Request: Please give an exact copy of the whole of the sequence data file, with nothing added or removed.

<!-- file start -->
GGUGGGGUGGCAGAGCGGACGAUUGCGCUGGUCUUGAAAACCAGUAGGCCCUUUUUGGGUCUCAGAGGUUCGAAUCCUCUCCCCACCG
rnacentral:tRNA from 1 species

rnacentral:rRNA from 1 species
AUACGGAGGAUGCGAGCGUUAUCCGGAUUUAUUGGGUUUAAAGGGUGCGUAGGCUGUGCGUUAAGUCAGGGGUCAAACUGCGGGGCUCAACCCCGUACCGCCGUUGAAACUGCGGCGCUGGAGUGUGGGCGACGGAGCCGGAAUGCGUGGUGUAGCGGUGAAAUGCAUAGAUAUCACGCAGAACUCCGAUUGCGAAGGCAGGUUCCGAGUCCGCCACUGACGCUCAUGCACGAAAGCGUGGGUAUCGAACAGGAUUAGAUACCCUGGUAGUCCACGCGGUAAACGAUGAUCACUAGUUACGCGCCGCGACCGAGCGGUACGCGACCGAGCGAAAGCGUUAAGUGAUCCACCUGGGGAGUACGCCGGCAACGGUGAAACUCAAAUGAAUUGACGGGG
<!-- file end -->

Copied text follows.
GGUGGGGUGGCAGAGCGGACGAUUGCGCUGGUCUUGAAAACCAGUAGGCCCUUUUUGGGUCUCAGAGGUUCGAAUCCUCUCCCCACCG
rnacentral:tRNA from 1 species

rnacentral:rRNA from 1 species
AUACGGAGGAUGCGAGCGUUAUCCGGAUUUAUUGGGUUUAAAGGGUGCGUAGGCUGUGCGUUAAGUCAGGGGUCAAACUGCGGGGCUCAACCCCGUACCGCCGUUGAAACUGCGGCGCUGGAGUGUGGGCGACGGAGCCGGAAUGCGUGGUGUAGCGGUGAAAUGCAUAGAUAUCACGCAGAACUCCGAUUGCGAAGGCAGGUUCCGAGUCCGCCACUGACGCUCAUGCACGAAAGCGUGGGUAUCGAACAGGAUUAGAUACCCUGGUAGUCCACGCGGUAAACGAUGAUCACUAGUUACGCGCCGCGACCGAGCGGUACGCGACCGAGCGAAAGCGUUAAGUGAUCCACCUGGGGAGUACGCCGGCAACGGUGAAACUCAAAUGAAUUGACGGGG